The evolution of my position on cats has been a matter of some discussion within my family. My mother and sister are somewhat perplexed on my change of heart. My position remains, however, that my previous opinions about cats had been developed in a vaccum. I had never had the chance to become close to a cat before, and therefore had never appreciated what they add to the human-pet relationship.

It is normal for one to change their mind on preferences like this. A year ago, I had never eaten sushi - now it's one of my preferred meals. I never liked Seinfeld until I saw the end of the Soup Nazi episode while I was waiting for another show to come on.

The fact is that being a static human being is no fun. What would be the point of trying anything new if you were expected to never change your preferences? Is being open-minded only good when you agree with whatever the person is being open-minded about? No! Change? Good. Trying new things? Good. Learning to like something you did not like before? Good - except for things like learning to like smoking crack cocaine. That would not be good. But, learning to like cats? Good!

So, what would the future hold should my mother and sister be confronted with a cat in my home? Of course I would never demand that they feel the same way I do about the cat. I would, however, expect that they respect my feelings towards it.

After all, wouldn't that be change we can believe in?

Holiday movie time

Ever since I reached the age where I was socially expected to disburse Hanukah gifts, the high holidays have been somewhat stressful for me. It was fun at first to see everybody so pleased with my thoughtful gifts. Then, seven years ago, I ran out of gift ideas - hence the stress.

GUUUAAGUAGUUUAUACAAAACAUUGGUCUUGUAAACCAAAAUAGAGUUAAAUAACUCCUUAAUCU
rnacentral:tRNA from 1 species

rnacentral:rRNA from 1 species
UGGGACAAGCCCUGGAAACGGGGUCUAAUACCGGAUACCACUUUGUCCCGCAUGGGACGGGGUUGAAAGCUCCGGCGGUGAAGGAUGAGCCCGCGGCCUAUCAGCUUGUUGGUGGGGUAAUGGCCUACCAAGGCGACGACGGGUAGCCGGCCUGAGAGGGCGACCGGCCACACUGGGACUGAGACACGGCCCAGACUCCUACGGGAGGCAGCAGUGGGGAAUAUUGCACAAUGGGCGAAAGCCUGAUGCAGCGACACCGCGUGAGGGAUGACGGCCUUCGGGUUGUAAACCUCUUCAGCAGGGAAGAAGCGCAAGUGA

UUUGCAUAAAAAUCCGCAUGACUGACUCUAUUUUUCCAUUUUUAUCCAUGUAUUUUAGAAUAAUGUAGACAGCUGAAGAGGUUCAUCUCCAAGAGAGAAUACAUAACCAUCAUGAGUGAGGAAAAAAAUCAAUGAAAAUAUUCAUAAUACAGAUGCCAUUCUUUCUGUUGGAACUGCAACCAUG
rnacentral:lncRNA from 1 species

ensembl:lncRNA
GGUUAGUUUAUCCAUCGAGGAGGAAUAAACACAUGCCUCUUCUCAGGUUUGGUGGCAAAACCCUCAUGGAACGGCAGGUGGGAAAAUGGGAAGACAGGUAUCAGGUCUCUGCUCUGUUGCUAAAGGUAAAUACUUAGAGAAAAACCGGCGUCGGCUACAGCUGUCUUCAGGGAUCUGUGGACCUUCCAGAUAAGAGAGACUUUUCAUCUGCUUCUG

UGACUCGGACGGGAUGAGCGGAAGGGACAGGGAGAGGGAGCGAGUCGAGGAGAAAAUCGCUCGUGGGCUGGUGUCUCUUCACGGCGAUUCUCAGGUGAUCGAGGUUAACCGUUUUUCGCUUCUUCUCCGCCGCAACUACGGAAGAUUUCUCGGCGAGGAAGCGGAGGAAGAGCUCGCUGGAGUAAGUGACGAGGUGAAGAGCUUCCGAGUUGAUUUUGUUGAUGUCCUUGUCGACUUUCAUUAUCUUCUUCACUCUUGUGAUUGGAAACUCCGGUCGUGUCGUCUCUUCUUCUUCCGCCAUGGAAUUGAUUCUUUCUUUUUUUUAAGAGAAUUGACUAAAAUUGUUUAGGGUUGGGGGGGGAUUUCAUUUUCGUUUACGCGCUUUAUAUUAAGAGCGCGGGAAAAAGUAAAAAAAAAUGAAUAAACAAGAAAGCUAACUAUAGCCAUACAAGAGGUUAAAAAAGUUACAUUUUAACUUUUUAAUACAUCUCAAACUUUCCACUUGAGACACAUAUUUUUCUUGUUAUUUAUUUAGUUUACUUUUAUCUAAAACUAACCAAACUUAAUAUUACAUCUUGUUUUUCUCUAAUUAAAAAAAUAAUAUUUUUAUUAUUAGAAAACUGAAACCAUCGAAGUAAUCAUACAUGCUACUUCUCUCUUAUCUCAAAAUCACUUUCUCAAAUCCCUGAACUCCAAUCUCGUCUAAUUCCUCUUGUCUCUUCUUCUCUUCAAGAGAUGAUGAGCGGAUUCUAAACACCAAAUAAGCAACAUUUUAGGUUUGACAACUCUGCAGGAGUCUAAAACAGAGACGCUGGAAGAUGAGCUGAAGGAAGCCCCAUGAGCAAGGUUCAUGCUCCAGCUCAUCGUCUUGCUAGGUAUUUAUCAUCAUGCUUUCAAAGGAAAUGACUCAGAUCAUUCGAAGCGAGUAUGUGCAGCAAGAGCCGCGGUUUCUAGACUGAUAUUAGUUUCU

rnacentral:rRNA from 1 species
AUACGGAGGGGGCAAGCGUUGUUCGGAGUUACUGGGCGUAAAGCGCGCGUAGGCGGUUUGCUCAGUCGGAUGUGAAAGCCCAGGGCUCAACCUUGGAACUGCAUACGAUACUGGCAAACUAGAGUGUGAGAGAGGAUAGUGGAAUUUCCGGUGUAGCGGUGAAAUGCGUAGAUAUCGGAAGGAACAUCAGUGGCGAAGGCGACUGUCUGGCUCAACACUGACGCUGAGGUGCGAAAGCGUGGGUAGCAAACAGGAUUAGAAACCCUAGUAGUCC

No worries, though. When the stress kicks in, I sit back, relax, and enjoy one of a plethora of holiday movies. Thanksgiving, Christmas, Hannukah, New Year - whatever. If it has something to do with turkey, Santa, menorahs or midnight then I want to see it.

These are a few of my faves, organized by holiday:

Planes, Trains & Automobiles - The first time I watched this was in Argentina with my dad. It's a comedy, but a strange one in that at one point in the movie, the f-word is used 18 times in one minute. Also, there are airplanes in this movie.
Scent of a Woman - This movie takes place during Thanksgiving Break. This is not a movie that you necessarily sit down with a cup of cocoa to watch. It is too intense for that. It is worth the watching for three great scenes: the tango dance, the dinner, and the school disciplinary hearing. My grandfather, Fidel, was a huge fan of this movie.

The Dreidel of Life - This inspirational story is about a family of four struggling to make ends meet in Brooklyn. The oldest child, Jacob Storellistein, develops a keen skill with the dreidel at school. In spite of the family's financial difficulties, Mr. Storellistein, who works as a baggage handler for United Airlines at JFK Airport, surprises Jacob placing a dreidel in his stocking on the holy third day of Channukah. Inspired by his father's generous gift, the shy Jacob enters a dreidel spinning tournament at the local synagogue. When he wins and advances to the regional tournament, where the grand prize is $100,000, the family sees a way out of poverty - on the back of Jacob's special talent. They put their life savings together to send Jacob to the regional tournament in Tenafly, NJ and are shocked to find out their son will have to beat Eli Castrowitz to claim the title, the son of famed dreidel spinner Seth Castrowitz. With all of the family's savings on the line, will Jacob come through? It's a story of despair, hope, faith, and finally, redemption. Starring Jonah Meyerson as Jacob, and an inspirational performance by Jason Alexander as the legendary Seth Castrowitz.